A criminologist and former Edmonton Police Service member hopes public support, discourse and perception of police might shift in the wake of the shooting deaths of two police officers in Alberta’s capital.
Daniel Jones, a 25-year EPS veteran, woke up Thursday to a text from his brother, who is an EPS superintendent, telling him two members had been killed.
“I was devastated,” Jones said, his voice breaking. “I spent more than half my life in that role. And you see the work that these members do — and the places that they put themselves in and the care and compassion that they have — and something like this happens. It’s just such a tragic event.”
The EPS has identified the officers who died as Const. Travis Jordan, 35, and Const. Brett Ryan, 30.
Jordan had been with EPS for eight-and-a-half years and Ryan had been with the service for five-and-a-half years.
The EPS confirmed they were shot at an apartment building when they responded to a domestic violence call. They were taken to hospital where they were declared dead.
Global News has confirmed that the suspected gunman is a teen. Police said he died after sustaining what they believe was a self-inflicted gunshot wound. Global News has confirmed the suspect’s mother is in hospital in serious but stable condition.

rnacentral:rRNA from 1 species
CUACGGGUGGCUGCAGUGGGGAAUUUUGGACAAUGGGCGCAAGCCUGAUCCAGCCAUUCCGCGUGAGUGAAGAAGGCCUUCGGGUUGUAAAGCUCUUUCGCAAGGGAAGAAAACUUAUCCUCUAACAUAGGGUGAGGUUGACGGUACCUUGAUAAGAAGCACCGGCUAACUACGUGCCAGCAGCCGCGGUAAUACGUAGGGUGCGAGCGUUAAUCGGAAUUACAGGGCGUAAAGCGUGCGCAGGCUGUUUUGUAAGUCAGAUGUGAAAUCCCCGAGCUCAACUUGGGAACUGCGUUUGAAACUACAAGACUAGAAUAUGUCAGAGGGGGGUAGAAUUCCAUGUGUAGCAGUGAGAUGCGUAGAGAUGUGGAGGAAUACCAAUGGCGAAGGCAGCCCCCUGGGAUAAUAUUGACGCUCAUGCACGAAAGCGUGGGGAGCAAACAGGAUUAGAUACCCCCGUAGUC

Jones is now NorQuest College’s associate chair of justice.
“The thing that I struggle with the most right now is that the discourse on policing over the last two years has been really negative. Our members across the North American continent, for sure, probably across the Western world, have been reeling from the horrible murder of George Floyd.
Floyd’s 2020 death triggered a waterfall of questions about the use of force by law enforcement. Police services across North America faced renewed scrutiny over policies, procedures and practices. There were calls for reform and to defund.
A Canadian research project released data in February, showing that in 2022, a record number of people died after an interaction with police.
According to the Tracking (In)Justice data and transparency project, there were 69 police-involved deaths last year, and Black and Indigenous people were disproportionately overrepresented. They comprised 27.2 per cent of police-involved shooting deaths across Canada, despite making up 8.7 per cent of the population, the Police-involved deaths on the Rise across Canada report said.
The report found there had been a 66.5-per-cent rise in deaths associated with police use of force, comparing stats from 2011 to 2022 with the previous 10-year period.
The aim of the initiative, principal investigator and criminologist Alexander McClelland said last month, is to inform communities and police agencies and work towards greater transparency and accountability.
“I’m not saying policing doesn’t need reform or change — because it does,” Jones said. “But the members on the frontline need to be honoured and they need to be treated like people.
“And it’s sad that it takes something like this to remind people that police officers are humans doing their best, trying to keep people safe, and then all of a sudden they’re dead.”
He said Edmonton is seeing high levels of violence right now, which first responders come face to face with. Jones believes there’s a link between incidents of violence against police and perception and discourse.